May 9, 2023, 7:24am EDT

The House Republican border bill is moving forward with some issues unresolved

Amanda Andrade-Rhoades

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The News

House Republicans are preparing to push through a border bill this week, despite misgivings from members about its impact on agriculture, service, and hospitality workers.

Leadership seems to be betting that Republicans are unlikely to vote down a border bill the week that Title 42 expires, especially one that’s almost certain to end up nowhere near President Biden’s desk. There’s still time for members to argue for a fix before any bipartisan bill emerges in talks with the Senate, which may also be a long shot.

“I would expect leadership to make public commitments about ensuring that [agriculture] is taken care of before anything becomes law,” a source familiar with the party’s conversations told Semafor.

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The bill, H.R. 2, would restart construction of former President Trump’s border wall, alter the asylum process and mandate E-Verify, an-internet based system to check workers’ legal status.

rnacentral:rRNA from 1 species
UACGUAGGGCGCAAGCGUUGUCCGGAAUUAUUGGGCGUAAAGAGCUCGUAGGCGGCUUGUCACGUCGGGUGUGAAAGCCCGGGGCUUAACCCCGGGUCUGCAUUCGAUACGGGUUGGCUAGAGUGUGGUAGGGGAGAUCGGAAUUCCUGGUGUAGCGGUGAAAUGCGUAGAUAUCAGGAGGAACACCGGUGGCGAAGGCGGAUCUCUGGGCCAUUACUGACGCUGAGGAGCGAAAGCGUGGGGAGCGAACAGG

Members who represent districts with large farm and service-industry sectors had privately expressed qualms with the E-Verify portion of the bill. They’ve argued there needs to be reform to temporary worker programs before any mandate kicks in, otherwise it could cause chaos in the labor market.

But Republicans seem to be coalescing around the bill ahead of a vote this week. An exception is Rep. Thomas Massie, R-Ky. a libertarian known for his opposition to government mandates.

“Republicans are about to make a huge mistake,” he tweeted. “Biden forced millions of Americans to take VACCINES by threatening their JOBS, and turning EMPLOYERS into enforcers. Imagine giving Biden the ultimate on/off switch for EMPLOYMENT called E-verify. Might as well call it V-verify.”

Rep. Dan Crenshaw, R-Texas expressed concerns over how the legislation addresses Mexican drug cartels, but has not confirmed he’s a firm “no” on the bill.